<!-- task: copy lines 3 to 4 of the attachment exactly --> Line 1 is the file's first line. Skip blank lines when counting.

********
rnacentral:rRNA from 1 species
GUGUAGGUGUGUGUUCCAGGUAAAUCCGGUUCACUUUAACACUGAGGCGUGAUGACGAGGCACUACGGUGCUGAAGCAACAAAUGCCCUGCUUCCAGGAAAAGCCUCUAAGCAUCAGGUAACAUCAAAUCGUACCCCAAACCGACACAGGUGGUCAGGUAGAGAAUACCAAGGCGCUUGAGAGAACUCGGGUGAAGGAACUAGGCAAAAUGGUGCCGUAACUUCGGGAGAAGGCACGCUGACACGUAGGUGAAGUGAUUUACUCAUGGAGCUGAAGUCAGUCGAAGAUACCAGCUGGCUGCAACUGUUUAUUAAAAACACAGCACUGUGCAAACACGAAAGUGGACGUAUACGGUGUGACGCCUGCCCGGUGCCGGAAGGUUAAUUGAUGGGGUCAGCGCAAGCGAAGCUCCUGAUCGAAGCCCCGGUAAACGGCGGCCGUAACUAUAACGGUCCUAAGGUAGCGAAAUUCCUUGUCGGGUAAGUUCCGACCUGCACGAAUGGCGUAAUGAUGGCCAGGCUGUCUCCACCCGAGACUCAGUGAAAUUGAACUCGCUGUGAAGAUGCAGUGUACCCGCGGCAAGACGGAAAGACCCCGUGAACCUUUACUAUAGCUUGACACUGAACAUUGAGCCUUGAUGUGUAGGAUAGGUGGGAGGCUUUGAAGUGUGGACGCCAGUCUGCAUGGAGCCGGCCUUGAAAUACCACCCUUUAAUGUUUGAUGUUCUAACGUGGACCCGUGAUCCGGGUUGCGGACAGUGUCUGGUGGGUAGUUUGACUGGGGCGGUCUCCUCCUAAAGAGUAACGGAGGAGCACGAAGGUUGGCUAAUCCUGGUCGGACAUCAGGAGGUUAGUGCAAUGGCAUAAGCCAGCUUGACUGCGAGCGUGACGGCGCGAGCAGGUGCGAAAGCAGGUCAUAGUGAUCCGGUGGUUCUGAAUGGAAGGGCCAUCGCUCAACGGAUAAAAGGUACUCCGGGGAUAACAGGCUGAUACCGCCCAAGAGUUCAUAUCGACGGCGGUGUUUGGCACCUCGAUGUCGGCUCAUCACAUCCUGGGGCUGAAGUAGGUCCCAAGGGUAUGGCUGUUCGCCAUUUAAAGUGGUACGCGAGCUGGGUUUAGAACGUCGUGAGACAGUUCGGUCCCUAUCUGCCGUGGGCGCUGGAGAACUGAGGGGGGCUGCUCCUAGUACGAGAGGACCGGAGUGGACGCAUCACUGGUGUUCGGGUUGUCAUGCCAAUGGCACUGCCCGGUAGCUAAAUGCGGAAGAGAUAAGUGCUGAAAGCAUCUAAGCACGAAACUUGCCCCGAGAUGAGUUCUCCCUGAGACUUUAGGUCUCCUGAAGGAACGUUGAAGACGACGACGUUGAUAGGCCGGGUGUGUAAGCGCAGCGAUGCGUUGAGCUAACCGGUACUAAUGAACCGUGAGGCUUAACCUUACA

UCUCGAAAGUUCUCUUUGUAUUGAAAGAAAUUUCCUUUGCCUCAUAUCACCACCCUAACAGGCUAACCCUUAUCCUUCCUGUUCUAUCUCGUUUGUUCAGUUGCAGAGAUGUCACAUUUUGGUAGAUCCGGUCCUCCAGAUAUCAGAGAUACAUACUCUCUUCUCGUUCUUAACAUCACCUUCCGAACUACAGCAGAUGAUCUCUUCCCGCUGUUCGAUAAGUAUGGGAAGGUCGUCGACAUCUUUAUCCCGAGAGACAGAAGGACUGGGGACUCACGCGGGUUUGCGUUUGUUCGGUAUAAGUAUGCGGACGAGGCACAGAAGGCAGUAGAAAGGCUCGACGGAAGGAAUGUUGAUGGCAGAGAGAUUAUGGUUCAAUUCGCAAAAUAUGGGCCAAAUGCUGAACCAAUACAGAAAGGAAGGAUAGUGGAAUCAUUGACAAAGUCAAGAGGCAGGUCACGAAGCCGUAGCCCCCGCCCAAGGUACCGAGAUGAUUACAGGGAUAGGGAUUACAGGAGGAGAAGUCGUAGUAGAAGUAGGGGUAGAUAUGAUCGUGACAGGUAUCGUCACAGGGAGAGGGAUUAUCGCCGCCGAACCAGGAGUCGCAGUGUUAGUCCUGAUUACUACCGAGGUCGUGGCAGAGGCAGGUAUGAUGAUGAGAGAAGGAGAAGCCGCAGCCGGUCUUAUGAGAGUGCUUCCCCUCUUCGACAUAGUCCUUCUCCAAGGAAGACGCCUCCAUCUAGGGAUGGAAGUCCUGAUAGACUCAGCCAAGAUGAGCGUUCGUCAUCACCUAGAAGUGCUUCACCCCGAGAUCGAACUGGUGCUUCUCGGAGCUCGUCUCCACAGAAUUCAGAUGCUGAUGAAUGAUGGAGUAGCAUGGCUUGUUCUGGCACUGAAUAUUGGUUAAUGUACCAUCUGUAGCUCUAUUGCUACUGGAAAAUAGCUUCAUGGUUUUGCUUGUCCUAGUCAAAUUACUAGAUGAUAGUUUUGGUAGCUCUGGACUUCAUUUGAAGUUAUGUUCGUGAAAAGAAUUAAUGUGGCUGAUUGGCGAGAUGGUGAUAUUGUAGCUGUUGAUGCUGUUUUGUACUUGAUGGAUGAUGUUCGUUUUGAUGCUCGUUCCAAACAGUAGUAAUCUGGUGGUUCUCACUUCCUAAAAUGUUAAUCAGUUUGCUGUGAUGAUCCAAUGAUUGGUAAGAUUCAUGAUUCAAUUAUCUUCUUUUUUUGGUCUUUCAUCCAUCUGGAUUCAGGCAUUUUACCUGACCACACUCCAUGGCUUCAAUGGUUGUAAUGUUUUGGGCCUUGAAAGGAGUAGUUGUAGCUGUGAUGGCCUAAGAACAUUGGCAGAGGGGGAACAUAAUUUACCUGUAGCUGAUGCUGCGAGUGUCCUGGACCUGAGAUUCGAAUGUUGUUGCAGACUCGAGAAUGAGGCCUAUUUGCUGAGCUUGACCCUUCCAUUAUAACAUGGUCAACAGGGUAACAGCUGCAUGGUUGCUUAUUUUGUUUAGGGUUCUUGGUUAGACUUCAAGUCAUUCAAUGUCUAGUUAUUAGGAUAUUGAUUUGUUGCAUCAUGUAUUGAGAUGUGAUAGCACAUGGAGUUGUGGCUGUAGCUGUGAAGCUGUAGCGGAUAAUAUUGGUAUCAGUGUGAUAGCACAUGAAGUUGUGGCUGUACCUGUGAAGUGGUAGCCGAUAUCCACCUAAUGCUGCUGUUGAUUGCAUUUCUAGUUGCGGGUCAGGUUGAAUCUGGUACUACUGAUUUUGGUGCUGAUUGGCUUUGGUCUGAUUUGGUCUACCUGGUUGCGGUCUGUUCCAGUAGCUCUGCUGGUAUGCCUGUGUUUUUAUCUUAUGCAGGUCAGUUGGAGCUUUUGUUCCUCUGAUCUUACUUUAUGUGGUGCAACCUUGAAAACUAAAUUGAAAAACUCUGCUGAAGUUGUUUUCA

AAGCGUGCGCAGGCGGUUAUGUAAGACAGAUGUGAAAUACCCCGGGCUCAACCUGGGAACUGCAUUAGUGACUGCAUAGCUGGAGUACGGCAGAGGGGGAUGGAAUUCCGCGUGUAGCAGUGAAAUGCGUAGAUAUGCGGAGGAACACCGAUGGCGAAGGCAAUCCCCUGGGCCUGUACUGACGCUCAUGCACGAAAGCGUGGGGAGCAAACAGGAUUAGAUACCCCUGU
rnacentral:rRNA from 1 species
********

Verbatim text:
UCUCGAAAGUUCUCUUUGUAUUGAAAGAAAUUUCCUUUGCCUCAUAUCACCACCCUAACAGGCUAACCCUUAUCCUUCCUGUUCUAUCUCGUUUGUUCAGUUGCAGAGAUGUCACAUUUUGGUAGAUCCGGUCCUCCAGAUAUCAGAGAUACAUACUCUCUUCUCGUUCUUAACAUCACCUUCCGAACUACAGCAGAUGAUCUCUUCCCGCUGUUCGAUAAGUAUGGGAAGGUCGUCGACAUCUUUAUCCCGAGAGACAGAAGGACUGGGGACUCACGCGGGUUUGCGUUUGUUCGGUAUAAGUAUGCGGACGAGGCACAGAAGGCAGUAGAAAGGCUCGACGGAAGGAAUGUUGAUGGCAGAGAGAUUAUGGUUCAAUUCGCAAAAUAUGGGCCAAAUGCUGAACCAAUACAGAAAGGAAGGAUAGUGGAAUCAUUGACAAAGUCAAGAGGCAGGUCACGAAGCCGUAGCCCCCGCCCAAGGUACCGAGAUGAUUACAGGGAUAGGGAUUACAGGAGGAGAAGUCGUAGUAGAAGUAGGGGUAGAUAUGAUCGUGACAGGUAUCGUCACAGGGAGAGGGAUUAUCGCCGCCGAACCAGGAGUCGCAGUGUUAGUCCUGAUUACUACCGAGGUCGUGGCAGAGGCAGGUAUGAUGAUGAGAGAAGGAGAAGCCGCAGCCGGUCUUAUGAGAGUGCUUCCCCUCUUCGACAUAGUCCUUCUCCAAGGAAGACGCCUCCAUCUAGGGAUGGAAGUCCUGAUAGACUCAGCCAAGAUGAGCGUUCGUCAUCACCUAGAAGUGCUUCACCCCGAGAUCGAACUGGUGCUUCUCGGAGCUCGUCUCCACAGAAUUCAGAUGCUGAUGAAUGAUGGAGUAGCAUGGCUUGUUCUGGCACUGAAUAUUGGUUAAUGUACCAUCUGUAGCUCUAUUGCUACUGGAAAAUAGCUUCAUGGUUUUGCUUGUCCUAGUCAAAUUACUAGAUGAUAGUUUUGGUAGCUCUGGACUUCAUUUGAAGUUAUGUUCGUGAAAAGAAUUAAUGUGGCUGAUUGGCGAGAUGGUGAUAUUGUAGCUGUUGAUGCUGUUUUGUACUUGAUGGAUGAUGUUCGUUUUGAUGCUCGUUCCAAACAGUAGUAAUCUGGUGGUUCUCACUUCCUAAAAUGUUAAUCAGUUUGCUGUGAUGAUCCAAUGAUUGGUAAGAUUCAUGAUUCAAUUAUCUUCUUUUUUUGGUCUUUCAUCCAUCUGGAUUCAGGCAUUUUACCUGACCACACUCCAUGGCUUCAAUGGUUGUAAUGUUUUGGGCCUUGAAAGGAGUAGUUGUAGCUGUGAUGGCCUAAGAACAUUGGCAGAGGGGGAACAUAAUUUACCUGUAGCUGAUGCUGCGAGUGUCCUGGACCUGAGAUUCGAAUGUUGUUGCAGACUCGAGAAUGAGGCCUAUUUGCUGAGCUUGACCCUUCCAUUAUAACAUGGUCAACAGGGUAACAGCUGCAUGGUUGCUUAUUUUGUUUAGGGUUCUUGGUUAGACUUCAAGUCAUUCAAUGUCUAGUUAUUAGGAUAUUGAUUUGUUGCAUCAUGUAUUGAGAUGUGAUAGCACAUGGAGUUGUGGCUGUAGCUGUGAAGCUGUAGCGGAUAAUAUUGGUAUCAGUGUGAUAGCACAUGAAGUUGUGGCUGUACCUGUGAAGUGGUAGCCGAUAUCCACCUAAUGCUGCUGUUGAUUGCAUUUCUAGUUGCGGGUCAGGUUGAAUCUGGUACUACUGAUUUUGGUGCUGAUUGGCUUUGGUCUGAUUUGGUCUACCUGGUUGCGGUCUGUUCCAGUAGCUCUGCUGGUAUGCCUGUGUUUUUAUCUUAUGCAGGUCAGUUGGAGCUUUUGUUCCUCUGAUCUUACUUUAUGUGGUGCAACCUUGAAAACUAAAUUGAAAAACUCUGCUGAAGUUGUUUUCA

AAGCGUGCGCAGGCGGUUAUGUAAGACAGAUGUGAAAUACCCCGGGCUCAACCUGGGAACUGCAUUAGUGACUGCAUAGCUGGAGUACGGCAGAGGGGGAUGGAAUUCCGCGUGUAGCAGUGAAAUGCGUAGAUAUGCGGAGGAACACCGAUGGCGAAGGCAAUCCCCUGGGCCUGUACUGACGCUCAUGCACGAAAGCGUGGGGAGCAAACAGGAUUAGAUACCCCUGU